The Incredible, Edible Bean Bag Tripod

1 / 8
The bean bag tripod lends itself well to wildlife photography.
2 / 8
For a lightweight, bulkless, "inflatable' bean bag tripod that can be carried empty into the field and filled with whatever natural materials are at hand, sew a zipper into one end of the sack.
3 / 8
A bean bag also provides stability when shooting with a telephoto lens.
4 / 8
The device will keep your camera steady for still landscape shots with slow shutter speeds.
5 / 8
The bean bag tripod provides outstanding stability when photographing stationary subjects.
6 / 8
Dried corn makes superb filler. For an incredible, edible bean bag, fill the sack with nuts, popcorn, or trail mix; when the photo session is done, you can eat your tripod.
7 / 8
Mount your camera on a standard tripod and drape a bean bag over the top-you'll achieve total stability for absolute image clarity with very slow shutter speeds.
8 / 8
Use a bean bag as a ground-level camera platform for a bug's-eye view of nature.

The lowly bean bag hasn’t a leg to stand on, but that doesn’t keep it from being a superb photographic “tripod.” It’s sturdier, lighter, simpler to use, and more versatile than most three-legged support systems, and if you make it yourself, it costs next to nothing.

Professional photographers have long known that one of the reasons their photos are consistently superior to the snapshots taken by amateurs is the pros’ use of solid camera-mounting systems; too many novice shutterbugs are willing to risk the clarity of their images to shaky hands and wobbly knees.

But by simply filling a home-sewn cloth sack with dried grain, even the lowest-budgeted photographer can “support” his or her camera habit in style. A bean bag can be poked, pounded, and fluffed to form a comfortable rest for just about any camera-and-lens combination you can come up with, and will anchor that equipment to odd shapes and inclines seemingly steep enough to defy gravity.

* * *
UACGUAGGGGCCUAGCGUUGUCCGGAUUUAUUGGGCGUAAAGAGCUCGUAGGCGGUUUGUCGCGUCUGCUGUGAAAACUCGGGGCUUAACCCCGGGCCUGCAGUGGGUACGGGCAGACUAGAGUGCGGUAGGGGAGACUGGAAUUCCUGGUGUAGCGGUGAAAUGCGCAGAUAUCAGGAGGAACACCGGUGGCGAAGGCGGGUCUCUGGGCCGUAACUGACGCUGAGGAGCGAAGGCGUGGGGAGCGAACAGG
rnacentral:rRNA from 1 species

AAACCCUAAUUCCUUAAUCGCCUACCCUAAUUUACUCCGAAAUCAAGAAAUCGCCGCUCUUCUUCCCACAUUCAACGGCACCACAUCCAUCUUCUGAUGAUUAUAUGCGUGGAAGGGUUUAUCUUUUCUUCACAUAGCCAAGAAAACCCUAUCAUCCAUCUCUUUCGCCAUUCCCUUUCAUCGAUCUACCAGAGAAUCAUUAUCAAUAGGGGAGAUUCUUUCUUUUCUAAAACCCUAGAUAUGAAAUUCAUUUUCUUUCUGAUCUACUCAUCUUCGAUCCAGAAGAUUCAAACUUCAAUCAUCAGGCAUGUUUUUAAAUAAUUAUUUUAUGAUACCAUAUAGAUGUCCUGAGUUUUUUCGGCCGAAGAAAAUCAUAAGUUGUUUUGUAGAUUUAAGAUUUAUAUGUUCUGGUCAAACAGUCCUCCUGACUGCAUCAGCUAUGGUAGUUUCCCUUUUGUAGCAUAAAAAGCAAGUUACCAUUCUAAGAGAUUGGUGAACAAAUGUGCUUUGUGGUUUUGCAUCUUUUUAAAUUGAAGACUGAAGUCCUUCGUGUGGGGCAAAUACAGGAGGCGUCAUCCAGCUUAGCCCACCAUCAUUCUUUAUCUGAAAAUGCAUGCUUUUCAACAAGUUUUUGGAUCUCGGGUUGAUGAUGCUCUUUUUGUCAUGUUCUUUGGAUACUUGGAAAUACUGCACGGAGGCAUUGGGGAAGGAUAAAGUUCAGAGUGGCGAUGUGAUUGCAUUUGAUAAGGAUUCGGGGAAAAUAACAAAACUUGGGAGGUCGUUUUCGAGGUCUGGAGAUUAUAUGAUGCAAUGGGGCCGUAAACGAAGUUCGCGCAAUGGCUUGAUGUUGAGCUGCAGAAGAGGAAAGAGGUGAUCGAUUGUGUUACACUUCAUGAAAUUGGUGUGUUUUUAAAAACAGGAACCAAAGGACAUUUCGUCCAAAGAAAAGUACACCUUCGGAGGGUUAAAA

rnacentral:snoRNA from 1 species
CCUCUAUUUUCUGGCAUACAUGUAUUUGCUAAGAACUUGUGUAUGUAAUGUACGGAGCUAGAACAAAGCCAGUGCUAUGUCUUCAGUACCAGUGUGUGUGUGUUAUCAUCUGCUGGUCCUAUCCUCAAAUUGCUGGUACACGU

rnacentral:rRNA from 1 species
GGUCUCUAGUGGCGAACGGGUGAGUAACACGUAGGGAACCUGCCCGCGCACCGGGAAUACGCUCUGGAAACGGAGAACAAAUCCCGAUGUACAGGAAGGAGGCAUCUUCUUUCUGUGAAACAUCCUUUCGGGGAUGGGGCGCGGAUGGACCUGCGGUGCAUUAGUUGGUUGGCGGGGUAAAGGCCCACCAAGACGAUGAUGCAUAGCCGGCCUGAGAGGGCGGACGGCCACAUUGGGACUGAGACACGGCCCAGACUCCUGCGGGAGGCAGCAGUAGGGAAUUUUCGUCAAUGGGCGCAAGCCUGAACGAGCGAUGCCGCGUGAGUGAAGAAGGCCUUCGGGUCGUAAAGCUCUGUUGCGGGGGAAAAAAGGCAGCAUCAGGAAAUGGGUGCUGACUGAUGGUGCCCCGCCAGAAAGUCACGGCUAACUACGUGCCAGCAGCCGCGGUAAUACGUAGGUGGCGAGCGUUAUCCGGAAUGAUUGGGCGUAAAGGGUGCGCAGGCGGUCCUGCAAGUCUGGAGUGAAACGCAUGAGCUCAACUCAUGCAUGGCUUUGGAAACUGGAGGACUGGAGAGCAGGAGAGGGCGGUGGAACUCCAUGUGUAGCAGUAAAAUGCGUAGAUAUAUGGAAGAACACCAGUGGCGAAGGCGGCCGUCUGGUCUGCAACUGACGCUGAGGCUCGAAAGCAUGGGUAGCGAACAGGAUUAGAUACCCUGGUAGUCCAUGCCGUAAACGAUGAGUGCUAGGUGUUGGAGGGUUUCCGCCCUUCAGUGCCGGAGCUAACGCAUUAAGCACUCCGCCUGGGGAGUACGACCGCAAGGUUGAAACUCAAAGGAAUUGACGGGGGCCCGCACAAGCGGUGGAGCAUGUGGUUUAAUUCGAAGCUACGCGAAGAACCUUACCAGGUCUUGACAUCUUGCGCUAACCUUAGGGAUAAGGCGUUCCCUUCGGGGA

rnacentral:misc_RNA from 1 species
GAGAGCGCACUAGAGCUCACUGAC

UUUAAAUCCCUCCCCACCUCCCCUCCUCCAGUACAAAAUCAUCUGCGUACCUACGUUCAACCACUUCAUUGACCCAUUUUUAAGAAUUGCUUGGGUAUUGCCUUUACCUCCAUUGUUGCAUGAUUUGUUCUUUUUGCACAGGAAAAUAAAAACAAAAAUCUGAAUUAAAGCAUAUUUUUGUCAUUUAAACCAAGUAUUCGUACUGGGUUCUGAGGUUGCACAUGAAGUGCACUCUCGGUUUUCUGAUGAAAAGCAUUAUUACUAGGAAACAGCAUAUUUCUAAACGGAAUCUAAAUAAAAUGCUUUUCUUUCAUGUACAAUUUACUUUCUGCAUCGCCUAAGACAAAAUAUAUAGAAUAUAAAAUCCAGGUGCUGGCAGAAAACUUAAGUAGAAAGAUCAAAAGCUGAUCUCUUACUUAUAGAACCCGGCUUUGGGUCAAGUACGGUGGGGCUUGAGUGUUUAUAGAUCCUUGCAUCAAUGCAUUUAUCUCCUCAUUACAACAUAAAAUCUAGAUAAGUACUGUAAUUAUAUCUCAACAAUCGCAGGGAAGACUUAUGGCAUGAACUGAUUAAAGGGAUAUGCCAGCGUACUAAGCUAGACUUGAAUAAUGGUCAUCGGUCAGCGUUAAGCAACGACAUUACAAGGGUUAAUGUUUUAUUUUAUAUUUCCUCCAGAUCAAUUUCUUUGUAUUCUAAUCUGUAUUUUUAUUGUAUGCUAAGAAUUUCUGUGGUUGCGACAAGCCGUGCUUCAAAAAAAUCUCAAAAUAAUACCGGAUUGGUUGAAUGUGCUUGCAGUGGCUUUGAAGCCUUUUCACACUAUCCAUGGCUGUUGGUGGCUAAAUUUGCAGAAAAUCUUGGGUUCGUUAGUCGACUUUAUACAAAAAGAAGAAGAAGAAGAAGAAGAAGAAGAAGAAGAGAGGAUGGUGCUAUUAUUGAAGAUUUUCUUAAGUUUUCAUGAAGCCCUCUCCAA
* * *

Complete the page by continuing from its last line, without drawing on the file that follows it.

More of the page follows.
I was introduced to the bean bag tripod several years ago by a professional photographer friend. He called it a bean pod, and he’d been using it for years to capture roadside wildlife on film.

Over the past few years I’ve fabricated and used several varieties of bean pods (which can be filled with dried corn, beans or peas, rice, small pebbles, or even those dumb plastic foam “peanuts” used as packing insulation), and I’ve found them useful for far more than mobile wildlife photography:

By placing a bean bag on the ground, you can get an ant’s-eye view of wildflowers, mice, mushrooms, insects, and other terrain-hugging forms of life. This down-to-earth perspective adds an interesting new dimension to any slide show or photo album — and dollars to your income if you’re a pro.

For shooting landscapes — when it’s necessary to sacrifice shutter speed in favor of increased depth of field — haul out a bean bag, plop it firmly down on top of a fence post, stump, or rock, seat your camera securely in the bag, and squeeze off dead-sharp shots with shutter speeds as slow as two or three seconds. Because this homemade photo accessory supports so much of the bottom surface of a camera and lens (rather than balancing all the weight at a single point as a tripod screw does), it’s often actually sturdier than a traditional three-legged stand. Wind, a slight tremor of the shutter release finger, and even the movement of the camera’s own mirror can blur a slow shot taken atop a tripod. That seldom happens on a bean bag.

The trick is to snuggle your camera securely into the lump of beans (or whatever you’re using in their place), then press down firmly so that the instrument is comfortably seated in its rest. Once you master the system (which takes the average photographer all of two minutes), you’ll discover that it’s possible to make successful slow-shutter shots without employing a cable release.